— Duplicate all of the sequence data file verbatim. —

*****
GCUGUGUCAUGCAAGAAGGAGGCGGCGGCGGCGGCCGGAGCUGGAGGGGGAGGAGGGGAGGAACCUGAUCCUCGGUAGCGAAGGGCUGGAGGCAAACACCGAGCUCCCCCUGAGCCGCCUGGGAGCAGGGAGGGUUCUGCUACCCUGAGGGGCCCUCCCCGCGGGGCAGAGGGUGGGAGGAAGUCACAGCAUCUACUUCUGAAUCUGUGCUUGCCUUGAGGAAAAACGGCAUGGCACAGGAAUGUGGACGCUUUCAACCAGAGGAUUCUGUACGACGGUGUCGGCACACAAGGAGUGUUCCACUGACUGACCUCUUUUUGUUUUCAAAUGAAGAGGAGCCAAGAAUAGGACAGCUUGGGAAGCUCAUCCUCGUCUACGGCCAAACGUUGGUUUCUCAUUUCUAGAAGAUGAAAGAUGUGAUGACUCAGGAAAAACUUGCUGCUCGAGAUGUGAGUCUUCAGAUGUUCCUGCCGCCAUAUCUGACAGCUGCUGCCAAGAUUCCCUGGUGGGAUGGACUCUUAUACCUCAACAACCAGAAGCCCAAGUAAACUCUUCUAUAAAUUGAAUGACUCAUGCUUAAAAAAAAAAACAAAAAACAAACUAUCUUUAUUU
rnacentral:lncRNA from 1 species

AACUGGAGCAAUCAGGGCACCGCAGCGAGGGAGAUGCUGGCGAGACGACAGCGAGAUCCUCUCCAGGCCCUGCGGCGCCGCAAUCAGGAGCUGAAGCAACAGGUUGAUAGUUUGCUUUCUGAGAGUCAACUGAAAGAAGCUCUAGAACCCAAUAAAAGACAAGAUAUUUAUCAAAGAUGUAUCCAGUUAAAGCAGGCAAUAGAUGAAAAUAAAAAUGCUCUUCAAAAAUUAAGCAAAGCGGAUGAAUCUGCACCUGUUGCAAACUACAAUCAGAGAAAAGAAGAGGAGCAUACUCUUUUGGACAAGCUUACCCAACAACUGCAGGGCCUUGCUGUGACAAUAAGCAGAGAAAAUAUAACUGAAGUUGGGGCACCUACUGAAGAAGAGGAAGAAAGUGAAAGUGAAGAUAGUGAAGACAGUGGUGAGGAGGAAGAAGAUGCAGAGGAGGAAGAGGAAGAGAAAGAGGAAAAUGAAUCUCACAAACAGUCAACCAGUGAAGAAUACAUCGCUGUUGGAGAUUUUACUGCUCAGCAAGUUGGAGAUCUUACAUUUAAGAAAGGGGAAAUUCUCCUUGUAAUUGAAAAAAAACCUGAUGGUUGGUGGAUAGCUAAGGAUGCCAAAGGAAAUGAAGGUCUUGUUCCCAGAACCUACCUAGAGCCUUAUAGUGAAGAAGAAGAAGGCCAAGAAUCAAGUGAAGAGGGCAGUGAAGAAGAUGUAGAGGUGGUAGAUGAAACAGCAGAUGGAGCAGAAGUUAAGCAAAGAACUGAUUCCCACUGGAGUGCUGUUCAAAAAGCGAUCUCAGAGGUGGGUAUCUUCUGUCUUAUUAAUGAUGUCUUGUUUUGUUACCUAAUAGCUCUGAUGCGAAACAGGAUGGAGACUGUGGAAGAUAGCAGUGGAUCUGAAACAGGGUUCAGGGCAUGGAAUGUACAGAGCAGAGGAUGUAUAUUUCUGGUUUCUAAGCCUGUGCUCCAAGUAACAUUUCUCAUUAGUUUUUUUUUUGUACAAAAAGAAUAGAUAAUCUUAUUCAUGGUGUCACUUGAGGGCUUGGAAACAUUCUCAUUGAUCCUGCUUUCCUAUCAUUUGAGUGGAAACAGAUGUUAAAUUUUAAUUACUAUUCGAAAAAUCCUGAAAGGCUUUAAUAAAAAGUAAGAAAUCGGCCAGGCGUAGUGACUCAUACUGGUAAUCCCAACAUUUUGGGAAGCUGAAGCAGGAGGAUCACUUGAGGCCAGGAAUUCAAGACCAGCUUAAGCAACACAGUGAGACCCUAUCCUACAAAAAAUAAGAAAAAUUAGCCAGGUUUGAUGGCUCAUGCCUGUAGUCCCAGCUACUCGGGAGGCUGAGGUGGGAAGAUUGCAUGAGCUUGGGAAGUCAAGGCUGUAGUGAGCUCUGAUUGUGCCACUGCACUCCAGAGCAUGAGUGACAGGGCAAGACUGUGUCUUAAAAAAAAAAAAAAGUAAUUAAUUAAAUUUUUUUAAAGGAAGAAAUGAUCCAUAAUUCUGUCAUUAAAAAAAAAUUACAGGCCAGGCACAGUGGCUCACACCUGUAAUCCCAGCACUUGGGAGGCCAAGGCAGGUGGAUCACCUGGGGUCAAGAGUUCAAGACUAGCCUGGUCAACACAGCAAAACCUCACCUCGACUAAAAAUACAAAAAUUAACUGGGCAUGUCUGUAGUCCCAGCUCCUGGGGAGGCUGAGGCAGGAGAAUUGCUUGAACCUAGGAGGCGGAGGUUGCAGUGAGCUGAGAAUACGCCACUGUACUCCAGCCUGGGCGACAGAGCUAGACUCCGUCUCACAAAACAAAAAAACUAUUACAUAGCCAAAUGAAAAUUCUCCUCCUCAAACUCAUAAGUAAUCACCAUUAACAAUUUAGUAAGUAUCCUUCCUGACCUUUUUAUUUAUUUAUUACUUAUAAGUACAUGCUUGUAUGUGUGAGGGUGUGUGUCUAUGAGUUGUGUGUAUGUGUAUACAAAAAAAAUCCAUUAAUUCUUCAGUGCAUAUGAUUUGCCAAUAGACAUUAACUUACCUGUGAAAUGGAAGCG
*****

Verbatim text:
GCUGUGUCAUGCAAGAAGGAGGCGGCGGCGGCGGCCGGAGCUGGAGGGGGAGGAGGGGAGGAACCUGAUCCUCGGUAGCGAAGGGCUGGAGGCAAACACCGAGCUCCCCCUGAGCCGCCUGGGAGCAGGGAGGGUUCUGCUACCCUGAGGGGCCCUCCCCGCGGGGCAGAGGGUGGGAGGAAGUCACAGCAUCUACUUCUGAAUCUGUGCUUGCCUUGAGGAAAAACGGCAUGGCACAGGAAUGUGGACGCUUUCAACCAGAGGAUUCUGUACGACGGUGUCGGCACACAAGGAGUGUUCCACUGACUGACCUCUUUUUGUUUUCAAAUGAAGAGGAGCCAAGAAUAGGACAGCUUGGGAAGCUCAUCCUCGUCUACGGCCAAACGUUGGUUUCUCAUUUCUAGAAGAUGAAAGAUGUGAUGACUCAGGAAAAACUUGCUGCUCGAGAUGUGAGUCUUCAGAUGUUCCUGCCGCCAUAUCUGACAGCUGCUGCCAAGAUUCCCUGGUGGGAUGGACUCUUAUACCUCAACAACCAGAAGCCCAAGUAAACUCUUCUAUAAAUUGAAUGACUCAUGCUUAAAAAAAAAAACAAAAAACAAACUAUCUUUAUUU
rnacentral:lncRNA from 1 species

AACUGGAGCAAUCAGGGCACCGCAGCGAGGGAGAUGCUGGCGAGACGACAGCGAGAUCCUCUCCAGGCCCUGCGGCGCCGCAAUCAGGAGCUGAAGCAACAGGUUGAUAGUUUGCUUUCUGAGAGUCAACUGAAAGAAGCUCUAGAACCCAAUAAAAGACAAGAUAUUUAUCAAAGAUGUAUCCAGUUAAAGCAGGCAAUAGAUGAAAAUAAAAAUGCUCUUCAAAAAUUAAGCAAAGCGGAUGAAUCUGCACCUGUUGCAAACUACAAUCAGAGAAAAGAAGAGGAGCAUACUCUUUUGGACAAGCUUACCCAACAACUGCAGGGCCUUGCUGUGACAAUAAGCAGAGAAAAUAUAACUGAAGUUGGGGCACCUACUGAAGAAGAGGAAGAAAGUGAAAGUGAAGAUAGUGAAGACAGUGGUGAGGAGGAAGAAGAUGCAGAGGAGGAAGAGGAAGAGAAAGAGGAAAAUGAAUCUCACAAACAGUCAACCAGUGAAGAAUACAUCGCUGUUGGAGAUUUUACUGCUCAGCAAGUUGGAGAUCUUACAUUUAAGAAAGGGGAAAUUCUCCUUGUAAUUGAAAAAAAACCUGAUGGUUGGUGGAUAGCUAAGGAUGCCAAAGGAAAUGAAGGUCUUGUUCCCAGAACCUACCUAGAGCCUUAUAGUGAAGAAGAAGAAGGCCAAGAAUCAAGUGAAGAGGGCAGUGAAGAAGAUGUAGAGGUGGUAGAUGAAACAGCAGAUGGAGCAGAAGUUAAGCAAAGAACUGAUUCCCACUGGAGUGCUGUUCAAAAAGCGAUCUCAGAGGUGGGUAUCUUCUGUCUUAUUAAUGAUGUCUUGUUUUGUUACCUAAUAGCUCUGAUGCGAAACAGGAUGGAGACUGUGGAAGAUAGCAGUGGAUCUGAAACAGGGUUCAGGGCAUGGAAUGUACAGAGCAGAGGAUGUAUAUUUCUGGUUUCUAAGCCUGUGCUCCAAGUAACAUUUCUCAUUAGUUUUUUUUUUGUACAAAAAGAAUAGAUAAUCUUAUUCAUGGUGUCACUUGAGGGCUUGGAAACAUUCUCAUUGAUCCUGCUUUCCUAUCAUUUGAGUGGAAACAGAUGUUAAAUUUUAAUUACUAUUCGAAAAAUCCUGAAAGGCUUUAAUAAAAAGUAAGAAAUCGGCCAGGCGUAGUGACUCAUACUGGUAAUCCCAACAUUUUGGGAAGCUGAAGCAGGAGGAUCACUUGAGGCCAGGAAUUCAAGACCAGCUUAAGCAACACAGUGAGACCCUAUCCUACAAAAAAUAAGAAAAAUUAGCCAGGUUUGAUGGCUCAUGCCUGUAGUCCCAGCUACUCGGGAGGCUGAGGUGGGAAGAUUGCAUGAGCUUGGGAAGUCAAGGCUGUAGUGAGCUCUGAUUGUGCCACUGCACUCCAGAGCAUGAGUGACAGGGCAAGACUGUGUCUUAAAAAAAAAAAAAAGUAAUUAAUUAAAUUUUUUUAAAGGAAGAAAUGAUCCAUAAUUCUGUCAUUAAAAAAAAAUUACAGGCCAGGCACAGUGGCUCACACCUGUAAUCCCAGCACUUGGGAGGCCAAGGCAGGUGGAUCACCUGGGGUCAAGAGUUCAAGACUAGCCUGGUCAACACAGCAAAACCUCACCUCGACUAAAAAUACAAAAAUUAACUGGGCAUGUCUGUAGUCCCAGCUCCUGGGGAGGCUGAGGCAGGAGAAUUGCUUGAACCUAGGAGGCGGAGGUUGCAGUGAGCUGAGAAUACGCCACUGUACUCCAGCCUGGGCGACAGAGCUAGACUCCGUCUCACAAAACAAAAAAACUAUUACAUAGCCAAAUGAAAAUUCUCCUCCUCAAACUCAUAAGUAAUCACCAUUAACAAUUUAGUAAGUAUCCUUCCUGACCUUUUUAUUUAUUUAUUACUUAUAAGUACAUGCUUGUAUGUGUGAGGGUGUGUGUCUAUGAGUUGUGUGUAUGUGUAUACAAAAAAAAUCCAUUAAUUCUUCAGUGCAUAUGAUUUGCCAAUAGACAUUAACUUACCUGUGAAAUGGAAGCG